This fantastical and "brave" tale about miscommunication, mayhem and magic gone awry, resonates with a sage, discerning, simple message: travails of the world could be salvaged, thwarted if parties listened, without roadblocks, prejudices or boundaries to the verbalized thoughts of one's advisory, whether familial, governmental, personal; words have curative, antidotal, alchemical powers; Merida and her mother are transformed and endow the audience a relevant, eloquent, satisfying "happy ending".
The 2011 film "Like Crazy" starring Felicity Jones and Anton Yelchin was a delightful slice of fluff that I saw with trepidation; because of the word "like"; robbed of its legitimacy by contemporary vernacular; bastardized, used as a verbal pause, conversations lengthened 50% by its ubiquitous repetition; car alarms, nails on a blackboard, sleeplessness are preferable to its resounding, droning, stupid, repetitious use. The protagonists in "Like Crazy" were intelligent, and even though they strayed from the script, "like" did not spew forth with every spoken thought.
"The Color Wheel" filmed in grainy black and white 16mm, indiscriminate year; follows a brother and sister over a weekend journey to collect her belongings from her teacher/lover; she was studying broadcast journalism. Alex Ross Perry and Carlen Altman co- wrote the script and portray the troubled brother and sister: "Colin" and "JR".
Colin is nerdy, scrappily humorous; wry, slashing wit, masking a mountain of vulnerabilities; his disdainful, caustic treatment of his sister (shunned by her parents) adds pulp and flavor to the first half of the film. JR is moderately attractive; tastelessly dressed in sleazy, slutty guise; not a fragment, or a prayer of ever becoming even a "weather girl" on national TV. ( I harbor no angst against weather girls.)
The movie sinks miserably into a quagmire of "likedom" from the moment we meet the Professor/Teacher/Lover of JR. A Professor of Journalism who cannot complete a 10 â€“word- sentence without 5 "like's"; was this irony on the part of the writers? The disease, "like" the Black Plague spreads from actor to actor, one excruciating scene after another; bombarding, crucifying, sacrificing anything worthwhile on the altar of one four- letter- word. The movie's disturbingly 83 minutes, even with a reel change (first since childhood), easily reduced to 60 minutes with the elimination of --!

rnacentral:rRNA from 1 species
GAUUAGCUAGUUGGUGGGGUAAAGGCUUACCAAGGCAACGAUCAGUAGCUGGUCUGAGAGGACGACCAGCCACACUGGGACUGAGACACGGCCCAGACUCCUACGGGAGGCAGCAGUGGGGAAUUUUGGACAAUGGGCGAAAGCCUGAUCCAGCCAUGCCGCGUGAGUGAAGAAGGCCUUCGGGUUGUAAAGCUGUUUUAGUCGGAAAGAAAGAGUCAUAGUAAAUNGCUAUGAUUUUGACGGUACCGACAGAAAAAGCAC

The last scene, a monologue, immensely "like-infused" is potently problematic, traumatic, unsettling. But to save you emotionally and financially, will give you a "spoiler" on request!
ONE & 1/2 STARS!
The jewel of this foursome. The iconic Liam Neeson is "John Ottway", devastated, broken- hearted, one of seven survivors of a horrific plane crash (phenomenal, painfully realistic, terrifying scene) in the frozen, glacial, haunting, lethal beauty of the Alaskan tundra. These men are strapping, tough, belligerent outcasts returning from a stint at a gas refinery. They are fearless, impossible to intimidate and herein lies the perfection of the film, survival of the fittest; man pitted against beast, "the grey", monumental wolves, hungry to attack and feed on these human interlopers who have tainted and tread upon their sacrosanct territory, den.
"The Grey" ( Director, Joe Carnahan) is beautiful, even in its horror; the beauty is not just the pristine, celestial landscape but as the film progresses the beauty of each individual is laid bare; their power, resilience, bravado melts as their exteriors freeze; we discover their loves, their losses, their diamond-like dignity. You desperately root for them, given insurmountable odds, hope is never eliminated; herein lies the potency of this unique and spiritual film; struggling to persevere, seeking a power beyond their own, never whining, ultimately controlling, accepting their fate. The viewer witnesses a glorious battle of men whose might survives at all costs.
Ridiculous, improbable plot is saved by the zeal of the actors: Sam Worthington (as the escaped convict on the ledge); Elizabeth Banks (the detective lusting to save him); Jamie Bell (the brother and foil for his escape); Ed Harris (corporate guru without scruples or a conscience). Dumb but fun. Sometimes...
TWO STARS!! (is enough).